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When to clean a cooling tower?



What’s in your cooling tower?

Summer brings warmer days and greater demand on the chill-water system.  Increased demand for power and water become more manageable by cleaning cooling towers regularly.

I was cleaning my truck the other day and ran across a couple of samples that boldly demonstrates what happens if you don’t clean cooling towers regularly.  I grabbed these samples from a CT retrofit project earlier this year. The tower’s owner was surprised at how plugged the tower had become.  He was budgeting for a new cooling tower to handle the equipment demands for chill water.  The tower looked pretty good from the outside but once we opened up, this is what we found.

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Cooling tower fill is the heart of the tower.

The rest of the tower just distributes water and air over the fill and captures cool water for the chiller.  Our technicians maintain the support channels so water and chemicals flow, replace missing nozzles to avoid blow-outs and keep the returned water flowing evenly across the fill media.   Scale removal should be done whenever buildup is noticed on the air intake louver or at least annually.  Scale is either removed during cooling tower cleaning by maintenance technicians or the packing will plug-up as seen in the picture above. “Pay me now or pay me later “is over-used but seems the best way to describe results of poor maintenance.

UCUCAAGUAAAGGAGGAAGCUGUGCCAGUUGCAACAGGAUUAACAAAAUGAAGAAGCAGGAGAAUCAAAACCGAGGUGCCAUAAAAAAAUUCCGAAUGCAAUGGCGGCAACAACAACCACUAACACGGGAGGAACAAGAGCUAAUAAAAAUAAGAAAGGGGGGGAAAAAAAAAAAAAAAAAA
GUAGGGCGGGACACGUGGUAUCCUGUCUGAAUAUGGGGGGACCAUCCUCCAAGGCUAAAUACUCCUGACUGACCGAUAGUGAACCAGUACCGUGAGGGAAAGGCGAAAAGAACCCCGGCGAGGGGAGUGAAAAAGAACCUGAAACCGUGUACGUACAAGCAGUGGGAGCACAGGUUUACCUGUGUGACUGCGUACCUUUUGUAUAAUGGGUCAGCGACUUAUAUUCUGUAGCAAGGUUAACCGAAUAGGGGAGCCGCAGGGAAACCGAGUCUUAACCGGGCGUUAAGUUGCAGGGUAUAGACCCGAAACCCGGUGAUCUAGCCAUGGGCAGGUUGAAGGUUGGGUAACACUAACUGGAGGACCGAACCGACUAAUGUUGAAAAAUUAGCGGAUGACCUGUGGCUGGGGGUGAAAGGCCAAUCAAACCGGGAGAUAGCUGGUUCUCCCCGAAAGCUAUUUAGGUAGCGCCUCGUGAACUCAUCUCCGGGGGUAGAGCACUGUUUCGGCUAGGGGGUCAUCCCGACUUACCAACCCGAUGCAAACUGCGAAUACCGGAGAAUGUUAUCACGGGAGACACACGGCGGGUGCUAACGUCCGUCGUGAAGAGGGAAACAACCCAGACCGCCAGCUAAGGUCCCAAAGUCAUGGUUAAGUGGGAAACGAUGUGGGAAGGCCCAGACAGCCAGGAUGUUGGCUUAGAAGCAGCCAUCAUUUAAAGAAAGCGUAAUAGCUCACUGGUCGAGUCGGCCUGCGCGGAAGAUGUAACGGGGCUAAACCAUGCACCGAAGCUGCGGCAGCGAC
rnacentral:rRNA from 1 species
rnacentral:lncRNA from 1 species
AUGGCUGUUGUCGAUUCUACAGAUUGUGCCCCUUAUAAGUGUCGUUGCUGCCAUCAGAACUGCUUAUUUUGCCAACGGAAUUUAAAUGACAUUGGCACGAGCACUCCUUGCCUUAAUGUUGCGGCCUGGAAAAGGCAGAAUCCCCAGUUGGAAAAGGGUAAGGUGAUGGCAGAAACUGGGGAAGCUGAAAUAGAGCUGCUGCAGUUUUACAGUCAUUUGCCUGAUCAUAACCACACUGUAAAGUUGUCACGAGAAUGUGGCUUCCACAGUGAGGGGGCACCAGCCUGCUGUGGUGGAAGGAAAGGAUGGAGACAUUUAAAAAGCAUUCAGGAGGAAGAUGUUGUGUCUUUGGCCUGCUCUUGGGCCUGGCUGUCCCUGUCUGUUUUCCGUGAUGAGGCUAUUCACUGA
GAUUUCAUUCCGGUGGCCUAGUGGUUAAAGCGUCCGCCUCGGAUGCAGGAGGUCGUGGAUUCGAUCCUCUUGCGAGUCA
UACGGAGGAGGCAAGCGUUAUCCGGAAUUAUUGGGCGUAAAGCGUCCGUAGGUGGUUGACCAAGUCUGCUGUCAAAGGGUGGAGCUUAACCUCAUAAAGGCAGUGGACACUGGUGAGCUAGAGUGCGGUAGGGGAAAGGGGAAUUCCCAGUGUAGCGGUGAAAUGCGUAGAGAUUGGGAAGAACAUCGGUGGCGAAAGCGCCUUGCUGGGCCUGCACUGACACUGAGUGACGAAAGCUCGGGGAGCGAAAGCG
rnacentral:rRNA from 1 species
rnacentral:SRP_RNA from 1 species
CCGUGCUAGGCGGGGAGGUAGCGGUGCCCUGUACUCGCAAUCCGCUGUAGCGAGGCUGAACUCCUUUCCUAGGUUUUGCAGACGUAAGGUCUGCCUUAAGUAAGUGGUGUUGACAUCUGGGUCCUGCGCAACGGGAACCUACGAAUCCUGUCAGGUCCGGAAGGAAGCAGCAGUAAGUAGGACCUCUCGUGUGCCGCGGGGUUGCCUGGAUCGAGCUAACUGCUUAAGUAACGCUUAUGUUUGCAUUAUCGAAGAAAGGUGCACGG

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Nozzles and headers distribute returned water:

Plugged nozzles are a major problem to tower performance.  Nozzles are the most efficient water filter in the system.  Manifold pressure increased by plugged nozzles will eventually build to point when nozzles blow out.  Then, most of the water will blast through the larger opening created by the missing nozzle and starve the remaining nozzles. Tower efficiency is seriously diminished by missing nozzles.  The remaining fill becomes dry, hardening the calcification onto the surface and causing hot-spots. A hot spot is a location in the fill where water is diverted away from a calcified area.  This end piece of a manifold was so plugged with calcification that nozzles had blown-out along the other 12 ft. in length.  You can see that little water moved through the manifold; in fact, the rest of the manifold was channeled allowing some water to trickle across the fill media but most of the packing had to be jack-hammered out.  We replaced the fill, manifolds and nozzles restoring the tower to design capabilities.  The additional tower became unnecessary.

Water was not being sprayed evenly across the packing media.  That led to large areas of fill media being plugged as in the first picture.  This deterioration was hidden from visual inspection while the decrease chill-water efficiency gradually declined at the same time as building demand increased.  This scaled-up condition could have only been discovered by technicians while cleaning the tower.

Cleaning cooling towers saves money monthly by reducing water and electrical demands; while allowing you time to budget for a retrofit 7 to 10 years in the future.  Check with us today to find out what’s in your tower.

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